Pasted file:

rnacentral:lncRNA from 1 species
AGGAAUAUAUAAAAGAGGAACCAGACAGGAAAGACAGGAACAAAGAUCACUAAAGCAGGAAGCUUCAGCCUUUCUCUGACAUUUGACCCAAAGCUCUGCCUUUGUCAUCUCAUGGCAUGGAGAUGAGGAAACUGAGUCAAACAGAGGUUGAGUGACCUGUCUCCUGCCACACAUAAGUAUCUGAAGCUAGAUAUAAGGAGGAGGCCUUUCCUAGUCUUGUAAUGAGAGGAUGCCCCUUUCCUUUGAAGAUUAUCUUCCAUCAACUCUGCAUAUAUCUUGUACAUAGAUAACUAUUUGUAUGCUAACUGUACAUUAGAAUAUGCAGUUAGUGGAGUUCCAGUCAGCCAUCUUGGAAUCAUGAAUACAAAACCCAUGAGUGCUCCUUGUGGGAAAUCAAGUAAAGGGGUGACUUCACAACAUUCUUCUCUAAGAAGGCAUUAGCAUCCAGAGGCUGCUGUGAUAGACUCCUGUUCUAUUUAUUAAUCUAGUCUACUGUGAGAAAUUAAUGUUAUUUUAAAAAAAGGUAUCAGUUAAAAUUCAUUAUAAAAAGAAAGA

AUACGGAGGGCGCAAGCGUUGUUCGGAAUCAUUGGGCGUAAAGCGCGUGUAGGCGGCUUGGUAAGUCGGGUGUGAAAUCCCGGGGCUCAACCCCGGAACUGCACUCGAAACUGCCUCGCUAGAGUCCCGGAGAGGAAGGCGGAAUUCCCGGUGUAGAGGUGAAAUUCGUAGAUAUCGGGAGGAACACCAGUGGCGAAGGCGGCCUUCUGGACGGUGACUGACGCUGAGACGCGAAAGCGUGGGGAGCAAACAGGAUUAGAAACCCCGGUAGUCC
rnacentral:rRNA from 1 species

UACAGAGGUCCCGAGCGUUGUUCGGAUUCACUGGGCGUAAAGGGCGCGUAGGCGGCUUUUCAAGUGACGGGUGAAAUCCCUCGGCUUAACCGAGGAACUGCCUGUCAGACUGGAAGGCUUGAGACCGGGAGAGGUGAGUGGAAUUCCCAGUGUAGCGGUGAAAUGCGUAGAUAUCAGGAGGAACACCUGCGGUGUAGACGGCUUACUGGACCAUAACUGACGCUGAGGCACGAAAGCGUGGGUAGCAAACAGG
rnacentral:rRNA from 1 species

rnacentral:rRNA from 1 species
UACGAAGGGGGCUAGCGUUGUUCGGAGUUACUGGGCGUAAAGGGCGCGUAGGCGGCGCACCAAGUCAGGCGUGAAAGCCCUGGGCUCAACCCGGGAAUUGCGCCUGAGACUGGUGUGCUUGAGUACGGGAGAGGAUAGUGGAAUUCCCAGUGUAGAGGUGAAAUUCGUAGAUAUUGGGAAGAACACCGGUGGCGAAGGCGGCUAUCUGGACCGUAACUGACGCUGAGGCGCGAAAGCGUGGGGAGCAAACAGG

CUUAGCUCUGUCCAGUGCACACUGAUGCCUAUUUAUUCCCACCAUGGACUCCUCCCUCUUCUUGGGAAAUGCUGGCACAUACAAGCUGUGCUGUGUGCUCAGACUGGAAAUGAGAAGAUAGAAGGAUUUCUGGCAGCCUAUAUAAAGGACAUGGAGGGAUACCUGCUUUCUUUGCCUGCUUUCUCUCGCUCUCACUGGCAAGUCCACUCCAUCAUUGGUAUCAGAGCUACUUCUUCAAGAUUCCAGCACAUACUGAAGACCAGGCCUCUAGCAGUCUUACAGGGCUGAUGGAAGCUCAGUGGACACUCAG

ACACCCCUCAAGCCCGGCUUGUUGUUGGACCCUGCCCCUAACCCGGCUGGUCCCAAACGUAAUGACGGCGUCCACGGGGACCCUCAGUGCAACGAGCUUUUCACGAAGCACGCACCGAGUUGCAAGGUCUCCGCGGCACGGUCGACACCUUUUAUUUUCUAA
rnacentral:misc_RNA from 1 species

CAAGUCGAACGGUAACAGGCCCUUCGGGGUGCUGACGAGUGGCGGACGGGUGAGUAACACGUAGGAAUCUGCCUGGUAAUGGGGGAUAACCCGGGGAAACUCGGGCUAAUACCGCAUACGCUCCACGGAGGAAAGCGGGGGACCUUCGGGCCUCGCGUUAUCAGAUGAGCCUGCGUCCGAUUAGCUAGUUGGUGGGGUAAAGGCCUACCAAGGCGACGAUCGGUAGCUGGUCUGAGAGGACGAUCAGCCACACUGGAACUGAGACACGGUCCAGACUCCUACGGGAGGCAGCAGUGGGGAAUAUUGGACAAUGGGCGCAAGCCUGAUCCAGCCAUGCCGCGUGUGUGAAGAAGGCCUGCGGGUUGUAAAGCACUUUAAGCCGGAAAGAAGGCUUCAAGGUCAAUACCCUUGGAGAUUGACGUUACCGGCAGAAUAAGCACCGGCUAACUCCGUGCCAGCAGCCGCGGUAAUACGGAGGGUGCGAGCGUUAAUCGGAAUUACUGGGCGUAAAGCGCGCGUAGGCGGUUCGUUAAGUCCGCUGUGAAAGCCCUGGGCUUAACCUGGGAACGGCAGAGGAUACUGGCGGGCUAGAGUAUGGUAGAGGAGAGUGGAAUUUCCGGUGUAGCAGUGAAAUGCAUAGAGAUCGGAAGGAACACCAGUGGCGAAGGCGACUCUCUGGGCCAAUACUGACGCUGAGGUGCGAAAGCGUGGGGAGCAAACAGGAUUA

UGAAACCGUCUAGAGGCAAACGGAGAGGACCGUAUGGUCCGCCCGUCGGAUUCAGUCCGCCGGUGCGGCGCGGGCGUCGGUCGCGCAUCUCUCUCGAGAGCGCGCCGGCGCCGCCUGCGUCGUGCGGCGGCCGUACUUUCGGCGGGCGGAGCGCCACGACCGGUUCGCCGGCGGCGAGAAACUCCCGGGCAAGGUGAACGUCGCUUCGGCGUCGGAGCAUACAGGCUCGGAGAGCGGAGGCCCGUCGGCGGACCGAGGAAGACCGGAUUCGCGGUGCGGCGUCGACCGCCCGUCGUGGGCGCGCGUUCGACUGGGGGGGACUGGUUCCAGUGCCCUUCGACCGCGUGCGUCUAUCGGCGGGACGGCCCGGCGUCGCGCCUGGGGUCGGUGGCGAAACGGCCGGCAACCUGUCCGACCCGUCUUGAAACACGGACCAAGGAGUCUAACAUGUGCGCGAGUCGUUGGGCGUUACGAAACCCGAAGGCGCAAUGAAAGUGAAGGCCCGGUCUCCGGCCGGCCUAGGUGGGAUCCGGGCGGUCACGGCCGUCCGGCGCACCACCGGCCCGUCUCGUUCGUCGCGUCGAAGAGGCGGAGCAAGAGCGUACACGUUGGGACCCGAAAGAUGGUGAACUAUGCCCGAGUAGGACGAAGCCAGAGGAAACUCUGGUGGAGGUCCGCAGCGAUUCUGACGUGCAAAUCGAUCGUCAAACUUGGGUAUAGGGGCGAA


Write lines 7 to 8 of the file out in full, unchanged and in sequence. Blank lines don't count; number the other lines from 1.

rnacentral:rRNA from 1 species
UACGAAGGGGGCUAGCGUUGUUCGGAGUUACUGGGCGUAAAGGGCGCGUAGGCGGCGCACCAAGUCAGGCGUGAAAGCCCUGGGCUCAACCCGGGAAUUGCGCCUGAGACUGGUGUGCUUGAGUACGGGAGAGGAUAGUGGAAUUCCCAGUGUAGAGGUGAAAUUCGUAGAUAUUGGGAAGAACACCGGUGGCGAAGGCGGCUAUCUGGACCGUAACUGACGCUGAGGCGCGAAAGCGUGGGGAGCAAACAGG